It’s no secret that I’m looking for work and that I’m accepting some consulting gigs in the meantime. I generally don’t write about my consulting work, but upon reading Robert M. Caruso’s entry on what he calls “fauxperts,” this entry came bursting out of me.
It’s become a frustration of mine that too many claim expertise when, indeed, they don’t have it. Major corporations find themselves eager to throw money at firms and individuals without any sense of social media.
Take this engagement, which turned out to be extraordinarily short. With some major brands on the line begging for in-depth social media research, reputation management and eventually strategic guidance and other brands in the midst of social media campaigns, the complete lack of comprehension how to make it work blew me away.
With principals barking commands about research but paralyzed beyond Google and credit cards to research anything. Clients would argue for days over the wording of a tweet or Facebook update, never mind actually interacting with consumers or target audience. Determining who an “influencer” might be? Left up to Google and whether that “influencer’s” e-mail address happened to be available on an index website showing a particular topic.
Did anyone bother with Twitter or Facebook or any actual blogs? No. Blogger, WordPress, LiveJournal and Tumblr were all ignored.
These brands would pay tens of thousands of dollars of this sophisticated research paper, most of which got written the night before during an all-nighter (again, with one of the barking principals). An artist created charts, tweaked for each client based on a couple of Google searches and rough mathematics.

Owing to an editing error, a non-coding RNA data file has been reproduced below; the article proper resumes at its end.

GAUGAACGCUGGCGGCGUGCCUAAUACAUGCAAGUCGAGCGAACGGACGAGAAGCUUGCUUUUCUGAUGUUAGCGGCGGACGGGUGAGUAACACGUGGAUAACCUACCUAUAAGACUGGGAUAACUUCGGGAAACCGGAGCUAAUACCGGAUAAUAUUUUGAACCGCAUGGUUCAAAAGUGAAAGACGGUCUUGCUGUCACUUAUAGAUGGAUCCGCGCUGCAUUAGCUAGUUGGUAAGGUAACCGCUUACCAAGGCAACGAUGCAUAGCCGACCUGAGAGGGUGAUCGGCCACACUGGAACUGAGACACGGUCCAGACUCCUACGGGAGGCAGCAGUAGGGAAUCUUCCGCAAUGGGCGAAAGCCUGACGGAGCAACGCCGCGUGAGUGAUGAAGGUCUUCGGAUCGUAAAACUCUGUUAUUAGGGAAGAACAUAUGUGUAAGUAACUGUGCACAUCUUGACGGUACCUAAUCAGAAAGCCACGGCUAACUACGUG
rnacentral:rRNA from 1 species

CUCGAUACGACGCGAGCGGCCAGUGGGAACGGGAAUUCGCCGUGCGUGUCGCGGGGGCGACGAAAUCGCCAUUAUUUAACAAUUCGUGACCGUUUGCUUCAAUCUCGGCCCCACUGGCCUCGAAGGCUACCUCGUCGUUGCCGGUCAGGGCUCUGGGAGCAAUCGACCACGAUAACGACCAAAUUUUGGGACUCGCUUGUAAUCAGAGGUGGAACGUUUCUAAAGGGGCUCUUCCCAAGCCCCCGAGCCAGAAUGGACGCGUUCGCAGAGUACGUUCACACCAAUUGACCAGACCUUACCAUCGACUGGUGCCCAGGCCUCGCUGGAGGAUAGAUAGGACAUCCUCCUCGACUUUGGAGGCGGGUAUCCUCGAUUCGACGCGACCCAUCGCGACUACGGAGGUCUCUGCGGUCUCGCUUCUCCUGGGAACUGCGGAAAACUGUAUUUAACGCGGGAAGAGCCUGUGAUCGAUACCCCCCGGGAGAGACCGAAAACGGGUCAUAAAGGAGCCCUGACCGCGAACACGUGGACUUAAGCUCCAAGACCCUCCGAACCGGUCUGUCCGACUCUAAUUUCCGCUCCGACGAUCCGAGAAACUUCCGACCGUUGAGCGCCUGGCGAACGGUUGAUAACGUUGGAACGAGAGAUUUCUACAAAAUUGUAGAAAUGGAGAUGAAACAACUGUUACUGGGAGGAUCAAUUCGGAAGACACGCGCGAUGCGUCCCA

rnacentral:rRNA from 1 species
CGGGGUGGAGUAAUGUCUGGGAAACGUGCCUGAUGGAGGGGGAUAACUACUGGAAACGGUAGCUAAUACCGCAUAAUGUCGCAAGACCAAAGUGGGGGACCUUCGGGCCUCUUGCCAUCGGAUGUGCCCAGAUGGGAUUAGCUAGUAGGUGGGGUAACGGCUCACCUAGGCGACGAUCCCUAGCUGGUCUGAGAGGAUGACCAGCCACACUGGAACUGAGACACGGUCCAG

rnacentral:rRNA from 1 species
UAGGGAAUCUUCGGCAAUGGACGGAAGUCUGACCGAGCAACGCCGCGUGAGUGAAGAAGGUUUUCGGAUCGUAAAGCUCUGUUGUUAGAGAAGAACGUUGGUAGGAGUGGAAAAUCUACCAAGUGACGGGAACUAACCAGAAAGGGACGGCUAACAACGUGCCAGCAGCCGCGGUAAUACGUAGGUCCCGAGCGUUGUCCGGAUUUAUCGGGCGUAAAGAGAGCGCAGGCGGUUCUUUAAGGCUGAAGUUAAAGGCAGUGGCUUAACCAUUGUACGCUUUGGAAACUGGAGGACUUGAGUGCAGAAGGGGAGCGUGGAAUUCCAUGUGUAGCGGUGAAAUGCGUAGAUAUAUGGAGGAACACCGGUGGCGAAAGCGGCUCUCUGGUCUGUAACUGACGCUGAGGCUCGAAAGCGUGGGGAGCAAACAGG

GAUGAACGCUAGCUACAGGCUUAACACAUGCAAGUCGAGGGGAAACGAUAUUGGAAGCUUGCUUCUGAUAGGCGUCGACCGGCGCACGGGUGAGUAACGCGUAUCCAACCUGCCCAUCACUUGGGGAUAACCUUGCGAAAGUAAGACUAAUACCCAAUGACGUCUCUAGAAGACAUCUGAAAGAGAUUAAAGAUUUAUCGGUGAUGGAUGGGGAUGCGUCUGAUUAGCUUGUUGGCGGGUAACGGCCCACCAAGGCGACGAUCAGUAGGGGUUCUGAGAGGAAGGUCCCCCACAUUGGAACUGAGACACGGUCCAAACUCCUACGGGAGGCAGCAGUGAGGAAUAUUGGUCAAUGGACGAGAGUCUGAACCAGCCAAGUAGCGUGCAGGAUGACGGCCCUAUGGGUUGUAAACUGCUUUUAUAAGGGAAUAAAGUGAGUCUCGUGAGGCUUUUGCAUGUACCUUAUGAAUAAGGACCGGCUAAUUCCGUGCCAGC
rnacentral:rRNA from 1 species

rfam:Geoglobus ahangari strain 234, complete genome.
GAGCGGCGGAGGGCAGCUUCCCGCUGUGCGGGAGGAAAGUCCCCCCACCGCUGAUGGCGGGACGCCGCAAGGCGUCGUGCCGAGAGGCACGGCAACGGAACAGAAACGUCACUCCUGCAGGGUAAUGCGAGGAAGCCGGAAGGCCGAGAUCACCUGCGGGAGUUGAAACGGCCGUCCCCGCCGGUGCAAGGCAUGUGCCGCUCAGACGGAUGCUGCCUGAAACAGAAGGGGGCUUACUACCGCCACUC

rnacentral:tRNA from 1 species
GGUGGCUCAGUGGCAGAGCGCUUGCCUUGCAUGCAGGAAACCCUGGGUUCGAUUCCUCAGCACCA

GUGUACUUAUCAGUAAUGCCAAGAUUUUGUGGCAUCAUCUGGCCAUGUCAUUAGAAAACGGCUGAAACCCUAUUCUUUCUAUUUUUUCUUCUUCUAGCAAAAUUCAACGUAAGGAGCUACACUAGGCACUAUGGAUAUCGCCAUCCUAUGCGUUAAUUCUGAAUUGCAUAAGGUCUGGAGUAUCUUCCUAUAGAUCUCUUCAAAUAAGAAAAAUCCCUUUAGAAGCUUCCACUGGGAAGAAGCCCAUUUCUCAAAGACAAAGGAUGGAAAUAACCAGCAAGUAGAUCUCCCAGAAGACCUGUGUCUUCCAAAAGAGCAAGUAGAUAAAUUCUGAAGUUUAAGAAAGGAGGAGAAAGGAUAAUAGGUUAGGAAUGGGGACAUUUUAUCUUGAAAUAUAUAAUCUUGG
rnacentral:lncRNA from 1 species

In the nice conference room over glorified doughnuts the next morning, freshly printed copies, all personalized and in lovely binders, would be presented with the razzle-dazzle of an Apple Keynote and an engraved iPad so the engaging brand’s principal could follow along (and take it home… a little gift).
All in the name of social media experts.
I’m sitting there and realizing there’s all sizzle and no steak.
That afternoon, I packed quietly and left. I had noticed noticed early on the firm never seemed to keep clients — or employees — very long.
And the principal and firm, which both have a Twitter and Facebook account, neither are active. It just makes me wonder why any major brand would hire and spend money on someone or at some place without such activity. The firm’s blog is empty. In fact, Google the name of the firm and it will not come up. No SEO.
I’ve made the mistake before, going against my gut. A little later on today, I’ll share 10 questions you should ask a firm and their principals before engaging them.
Why did I take the work? I needed the money. Of course, I didn’t stay long but still. It got me wondering what I’d do for cash.
I’m looking a gift horse in the mouth. Then again, you’re supposed to beware of Greeks bearing gifts because of a certain Trojan horse.